How Do I Maintain the Evaporator Coil?

Follow the above tips to prevent the evaporator coil from freezing. Changing the filter as the manufacturer and your local HVAC contractor recommend can avoid this problem. Also, routinely check the coil for any issues, preferably when replacing the filter (as it’s located behind the filter or a panel). 

If the coil is only lightly coated in dirt, go ahead and clean it. However, if it’s extremely dirty, call a professional. They’re trained to use heavy-duty equipment and chemicals to remove debris. For example, they can power wash the coil safely with minimal risk of damage.

Lastly, staying current with regular HVAC maintenance can protect the evaporator coil. Schedule maintenance at least once a year (or once annually for your AC and once for your furnace). A technician will inspect the coil as part of a tune-up and perform any necessary cleaning or repairs.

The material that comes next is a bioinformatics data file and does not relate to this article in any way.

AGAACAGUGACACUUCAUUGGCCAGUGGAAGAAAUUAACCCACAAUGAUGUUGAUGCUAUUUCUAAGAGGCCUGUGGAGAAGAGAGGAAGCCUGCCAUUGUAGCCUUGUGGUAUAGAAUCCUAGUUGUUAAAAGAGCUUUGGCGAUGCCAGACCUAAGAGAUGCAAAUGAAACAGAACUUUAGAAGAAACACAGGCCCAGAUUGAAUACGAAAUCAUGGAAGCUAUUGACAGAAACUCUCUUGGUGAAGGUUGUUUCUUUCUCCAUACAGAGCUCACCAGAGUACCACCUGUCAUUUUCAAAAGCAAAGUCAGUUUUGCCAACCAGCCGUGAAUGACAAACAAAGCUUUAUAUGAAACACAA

Have a Frozen Evaporator Coil? Contact Monarch Home Services

Customers throughout the San Joaquin Valley trust us for comprehensive AC maintenance. Our NATE- and EPA-certified technicians are committed to ensuring your HVAC system runs smoothly and efficiently. They clean outdoor and indoor coils, test airflow, lubricate motors, check electrical connections, and perform other tasks to prevent serious problems. Don’t hesitate to call if a frozen evaporator coil occurs frequently. Our team can find the cause and fix it quickly. To request service 24/7 and get a free quote, call (661) 215-6679.